The Astrodon johnstoni was a large, plant-eating dinosaur that measured around 50-60 ft (15-18 m) long and 30 ft (9 m) tall. Astrodon fossils showed that its size was around seven times that of a lion and three times the size of an elephant.
Due to its large size and heavy weight, the Astrodon johnstoni could not walk or run very fast. Very few predators would try to attack it so it would not need to rely on its speed as defense. If required it could run at a slow speed. The exact speed is not known. The speed of the dinosaur can be calculated using fossilized Astrodon tracks.
The state dinosaur of Maryland, the Astrodon johnstoni, named by Dr Johnston and Leidy, was a heavy dinosaur weighing around 30 tons (30,000 kg). Its weight was largely due to its muscular torso and limbs, more muscular than most dinosaurs. It was around 9-10 times heavier than an Indian Rhinoceros.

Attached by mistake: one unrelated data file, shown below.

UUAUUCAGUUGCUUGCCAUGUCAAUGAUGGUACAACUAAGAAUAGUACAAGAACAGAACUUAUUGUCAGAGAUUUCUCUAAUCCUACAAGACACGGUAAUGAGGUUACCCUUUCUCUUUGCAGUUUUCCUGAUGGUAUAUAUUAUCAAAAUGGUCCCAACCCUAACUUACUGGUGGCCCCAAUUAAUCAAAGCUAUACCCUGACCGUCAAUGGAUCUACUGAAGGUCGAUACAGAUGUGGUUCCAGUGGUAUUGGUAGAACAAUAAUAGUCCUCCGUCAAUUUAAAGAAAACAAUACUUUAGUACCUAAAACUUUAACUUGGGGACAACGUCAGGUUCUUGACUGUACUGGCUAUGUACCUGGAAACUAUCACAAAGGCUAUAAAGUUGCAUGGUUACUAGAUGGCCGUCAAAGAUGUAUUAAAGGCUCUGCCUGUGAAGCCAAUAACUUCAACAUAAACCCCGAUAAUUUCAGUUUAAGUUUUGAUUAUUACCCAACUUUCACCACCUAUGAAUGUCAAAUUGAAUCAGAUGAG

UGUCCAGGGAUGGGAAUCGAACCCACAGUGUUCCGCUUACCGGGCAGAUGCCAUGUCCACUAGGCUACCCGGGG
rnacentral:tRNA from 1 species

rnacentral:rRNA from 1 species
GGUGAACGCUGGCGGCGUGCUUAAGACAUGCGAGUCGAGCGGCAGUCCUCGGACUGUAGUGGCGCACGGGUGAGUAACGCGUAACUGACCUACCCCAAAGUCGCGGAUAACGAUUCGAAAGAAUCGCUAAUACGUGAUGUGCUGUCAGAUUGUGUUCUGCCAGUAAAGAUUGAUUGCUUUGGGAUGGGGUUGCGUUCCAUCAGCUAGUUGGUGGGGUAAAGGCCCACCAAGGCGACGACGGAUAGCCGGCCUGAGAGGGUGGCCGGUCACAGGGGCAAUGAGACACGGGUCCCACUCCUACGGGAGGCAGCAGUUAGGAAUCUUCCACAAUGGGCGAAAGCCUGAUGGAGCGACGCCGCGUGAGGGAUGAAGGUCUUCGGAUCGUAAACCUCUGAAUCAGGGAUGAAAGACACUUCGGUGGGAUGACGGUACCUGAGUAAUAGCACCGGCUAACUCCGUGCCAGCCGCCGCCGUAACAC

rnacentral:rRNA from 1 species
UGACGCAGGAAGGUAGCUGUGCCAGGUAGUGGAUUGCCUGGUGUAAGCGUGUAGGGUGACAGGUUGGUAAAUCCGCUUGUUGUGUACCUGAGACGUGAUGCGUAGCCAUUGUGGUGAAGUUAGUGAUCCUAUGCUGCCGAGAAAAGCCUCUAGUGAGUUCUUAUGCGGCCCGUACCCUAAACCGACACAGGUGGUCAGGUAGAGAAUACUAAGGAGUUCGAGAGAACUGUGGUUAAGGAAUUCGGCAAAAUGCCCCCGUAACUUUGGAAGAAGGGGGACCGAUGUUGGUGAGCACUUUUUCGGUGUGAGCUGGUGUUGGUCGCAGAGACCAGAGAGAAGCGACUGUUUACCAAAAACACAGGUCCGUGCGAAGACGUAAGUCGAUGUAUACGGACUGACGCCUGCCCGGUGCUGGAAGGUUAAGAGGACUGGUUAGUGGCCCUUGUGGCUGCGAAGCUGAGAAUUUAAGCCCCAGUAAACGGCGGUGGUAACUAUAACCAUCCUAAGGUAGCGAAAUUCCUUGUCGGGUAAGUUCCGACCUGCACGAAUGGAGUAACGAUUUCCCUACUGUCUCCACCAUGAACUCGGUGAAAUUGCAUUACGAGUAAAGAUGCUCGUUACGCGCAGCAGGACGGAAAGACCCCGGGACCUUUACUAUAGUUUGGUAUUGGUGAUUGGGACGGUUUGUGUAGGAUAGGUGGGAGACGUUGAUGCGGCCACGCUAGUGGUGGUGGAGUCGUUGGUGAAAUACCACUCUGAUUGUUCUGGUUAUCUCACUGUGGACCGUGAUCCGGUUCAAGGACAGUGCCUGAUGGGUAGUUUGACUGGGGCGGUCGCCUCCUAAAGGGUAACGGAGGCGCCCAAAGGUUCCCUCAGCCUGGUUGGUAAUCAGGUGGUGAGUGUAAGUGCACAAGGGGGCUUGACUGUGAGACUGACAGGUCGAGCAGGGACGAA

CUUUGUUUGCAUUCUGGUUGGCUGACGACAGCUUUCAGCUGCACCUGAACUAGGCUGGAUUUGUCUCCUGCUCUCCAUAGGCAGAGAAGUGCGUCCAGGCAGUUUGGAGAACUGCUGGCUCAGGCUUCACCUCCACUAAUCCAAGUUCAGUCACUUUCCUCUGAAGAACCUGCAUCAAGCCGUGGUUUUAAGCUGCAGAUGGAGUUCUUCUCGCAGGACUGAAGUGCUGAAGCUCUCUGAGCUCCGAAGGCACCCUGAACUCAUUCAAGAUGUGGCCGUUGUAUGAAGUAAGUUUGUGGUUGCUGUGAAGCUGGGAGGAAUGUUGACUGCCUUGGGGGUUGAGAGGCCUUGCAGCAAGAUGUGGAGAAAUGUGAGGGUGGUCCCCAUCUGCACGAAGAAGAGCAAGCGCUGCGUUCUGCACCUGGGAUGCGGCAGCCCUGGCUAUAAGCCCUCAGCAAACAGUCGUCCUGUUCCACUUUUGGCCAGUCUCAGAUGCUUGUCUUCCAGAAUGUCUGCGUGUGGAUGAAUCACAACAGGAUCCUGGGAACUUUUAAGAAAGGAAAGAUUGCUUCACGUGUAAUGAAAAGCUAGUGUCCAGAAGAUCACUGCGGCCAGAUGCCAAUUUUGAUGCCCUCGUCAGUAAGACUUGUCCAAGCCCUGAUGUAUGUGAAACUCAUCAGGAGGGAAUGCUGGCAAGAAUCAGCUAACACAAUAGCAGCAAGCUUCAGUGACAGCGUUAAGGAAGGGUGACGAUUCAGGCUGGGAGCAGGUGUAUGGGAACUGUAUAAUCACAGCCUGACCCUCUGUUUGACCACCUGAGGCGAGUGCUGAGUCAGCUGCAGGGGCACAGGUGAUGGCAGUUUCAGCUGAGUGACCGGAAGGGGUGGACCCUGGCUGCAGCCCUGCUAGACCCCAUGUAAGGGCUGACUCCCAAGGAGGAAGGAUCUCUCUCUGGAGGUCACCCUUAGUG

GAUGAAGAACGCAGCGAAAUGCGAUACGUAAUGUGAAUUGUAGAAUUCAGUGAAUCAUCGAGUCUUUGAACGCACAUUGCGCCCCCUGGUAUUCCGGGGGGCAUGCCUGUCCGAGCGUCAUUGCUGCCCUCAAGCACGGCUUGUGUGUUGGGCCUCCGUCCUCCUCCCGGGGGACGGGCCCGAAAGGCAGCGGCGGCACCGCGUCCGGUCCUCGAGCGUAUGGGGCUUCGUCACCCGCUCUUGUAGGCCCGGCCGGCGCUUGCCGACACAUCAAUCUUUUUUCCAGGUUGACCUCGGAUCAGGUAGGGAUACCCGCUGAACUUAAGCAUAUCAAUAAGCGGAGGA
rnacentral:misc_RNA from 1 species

Males and females do not have specific names. Astrodon johnstoni fossils have not indicated any sexual dimorphism either. Sexual dimorphism in a species helps distinguish between males and females. It is common for the female to be smaller than the male, but the claim is not backed by evidence for an Astrodon.
The baby of an Astrodon does not have a specific name. Dinosaur young are usually called juveniles or babies. Scientific names of two dinosaurs that are considered to be Astrodons in different growth stages are the Pleurocoelus nanus and the Pleurocoelus altus.
These large Sauropods were herbivores. The state dinosaur of Maryland fed on leaves, plants, ferns and conifers. Its cross-sectional star tooth was flat and broad like the tooth found in herbivores, which hinted at their dietary preferences.
Like most large, herbivorous dinosaurs, the Astrodon state dinosaur was a calm and peaceful dinosaur. It travelled in herds with its conspecifics and did not hunt or prey on smaller dinosaurs despite its advantageous size. Detailed information on the behavior of these Sauropods is not available.